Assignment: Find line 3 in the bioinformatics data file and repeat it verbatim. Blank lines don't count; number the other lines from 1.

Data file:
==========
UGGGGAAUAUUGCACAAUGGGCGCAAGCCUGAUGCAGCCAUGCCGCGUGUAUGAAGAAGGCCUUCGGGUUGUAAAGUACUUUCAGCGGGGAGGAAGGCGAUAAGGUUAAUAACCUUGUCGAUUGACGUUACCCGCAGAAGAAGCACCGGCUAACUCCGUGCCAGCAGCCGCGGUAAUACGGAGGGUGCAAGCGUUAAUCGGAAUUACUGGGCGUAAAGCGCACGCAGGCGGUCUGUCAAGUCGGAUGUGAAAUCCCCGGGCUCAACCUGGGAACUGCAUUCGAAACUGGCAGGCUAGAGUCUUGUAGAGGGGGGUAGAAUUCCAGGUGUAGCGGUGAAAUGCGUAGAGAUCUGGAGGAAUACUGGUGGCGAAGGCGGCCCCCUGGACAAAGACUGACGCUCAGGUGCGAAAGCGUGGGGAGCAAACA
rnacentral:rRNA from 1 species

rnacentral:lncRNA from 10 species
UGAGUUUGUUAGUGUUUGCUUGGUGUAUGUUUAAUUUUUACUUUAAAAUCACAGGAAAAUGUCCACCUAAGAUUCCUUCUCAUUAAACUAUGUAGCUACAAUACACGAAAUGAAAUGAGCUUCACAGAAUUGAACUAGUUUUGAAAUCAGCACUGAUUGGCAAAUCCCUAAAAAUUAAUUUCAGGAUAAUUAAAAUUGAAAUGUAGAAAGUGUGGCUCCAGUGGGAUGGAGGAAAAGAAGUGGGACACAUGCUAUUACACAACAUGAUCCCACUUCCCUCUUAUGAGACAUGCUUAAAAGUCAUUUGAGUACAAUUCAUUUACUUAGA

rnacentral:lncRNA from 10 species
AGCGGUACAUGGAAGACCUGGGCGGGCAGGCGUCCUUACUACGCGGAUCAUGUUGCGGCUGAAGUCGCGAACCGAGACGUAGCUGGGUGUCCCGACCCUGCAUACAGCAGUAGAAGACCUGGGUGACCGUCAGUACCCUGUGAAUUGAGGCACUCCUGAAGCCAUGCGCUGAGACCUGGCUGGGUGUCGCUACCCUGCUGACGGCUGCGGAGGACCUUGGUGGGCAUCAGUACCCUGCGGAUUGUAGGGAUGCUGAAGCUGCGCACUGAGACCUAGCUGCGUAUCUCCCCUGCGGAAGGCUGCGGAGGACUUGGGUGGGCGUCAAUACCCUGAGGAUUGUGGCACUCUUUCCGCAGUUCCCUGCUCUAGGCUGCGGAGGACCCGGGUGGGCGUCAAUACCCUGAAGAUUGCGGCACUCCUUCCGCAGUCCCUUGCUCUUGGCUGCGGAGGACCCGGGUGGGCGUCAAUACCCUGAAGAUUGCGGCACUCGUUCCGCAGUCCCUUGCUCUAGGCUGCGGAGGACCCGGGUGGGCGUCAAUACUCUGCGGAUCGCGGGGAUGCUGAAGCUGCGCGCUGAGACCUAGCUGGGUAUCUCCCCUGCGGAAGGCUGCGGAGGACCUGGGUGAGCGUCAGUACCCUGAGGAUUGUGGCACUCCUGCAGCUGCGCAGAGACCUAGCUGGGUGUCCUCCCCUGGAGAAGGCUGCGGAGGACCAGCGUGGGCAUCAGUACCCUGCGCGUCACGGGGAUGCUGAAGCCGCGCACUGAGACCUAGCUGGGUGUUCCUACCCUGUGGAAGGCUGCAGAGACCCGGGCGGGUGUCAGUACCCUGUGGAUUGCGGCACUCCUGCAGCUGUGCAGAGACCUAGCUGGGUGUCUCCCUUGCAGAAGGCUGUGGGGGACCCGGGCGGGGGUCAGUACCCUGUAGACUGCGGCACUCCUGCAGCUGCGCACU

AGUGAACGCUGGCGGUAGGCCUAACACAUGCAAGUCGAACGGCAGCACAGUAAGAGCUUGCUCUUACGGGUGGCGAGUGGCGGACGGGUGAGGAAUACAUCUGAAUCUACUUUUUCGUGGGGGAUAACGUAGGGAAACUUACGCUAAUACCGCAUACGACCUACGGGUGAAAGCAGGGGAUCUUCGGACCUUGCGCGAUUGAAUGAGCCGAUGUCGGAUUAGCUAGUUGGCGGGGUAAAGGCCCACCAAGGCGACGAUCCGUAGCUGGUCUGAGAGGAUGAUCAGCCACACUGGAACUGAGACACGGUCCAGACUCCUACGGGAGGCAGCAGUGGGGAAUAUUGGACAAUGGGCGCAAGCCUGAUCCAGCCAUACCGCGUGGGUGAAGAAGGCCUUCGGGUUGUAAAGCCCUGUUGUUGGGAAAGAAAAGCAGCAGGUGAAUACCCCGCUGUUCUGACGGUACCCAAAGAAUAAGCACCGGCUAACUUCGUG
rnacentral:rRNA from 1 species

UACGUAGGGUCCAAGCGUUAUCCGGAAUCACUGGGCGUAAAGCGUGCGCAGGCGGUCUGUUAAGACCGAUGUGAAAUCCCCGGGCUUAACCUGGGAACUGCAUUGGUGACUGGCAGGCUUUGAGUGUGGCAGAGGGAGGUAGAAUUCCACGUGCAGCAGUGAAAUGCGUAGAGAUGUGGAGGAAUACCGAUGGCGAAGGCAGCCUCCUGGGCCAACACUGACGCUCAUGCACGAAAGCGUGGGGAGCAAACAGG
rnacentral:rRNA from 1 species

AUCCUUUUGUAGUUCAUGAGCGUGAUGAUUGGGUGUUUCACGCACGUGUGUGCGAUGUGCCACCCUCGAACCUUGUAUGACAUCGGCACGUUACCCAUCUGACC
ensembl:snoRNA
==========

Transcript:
rnacentral:lncRNA from 10 species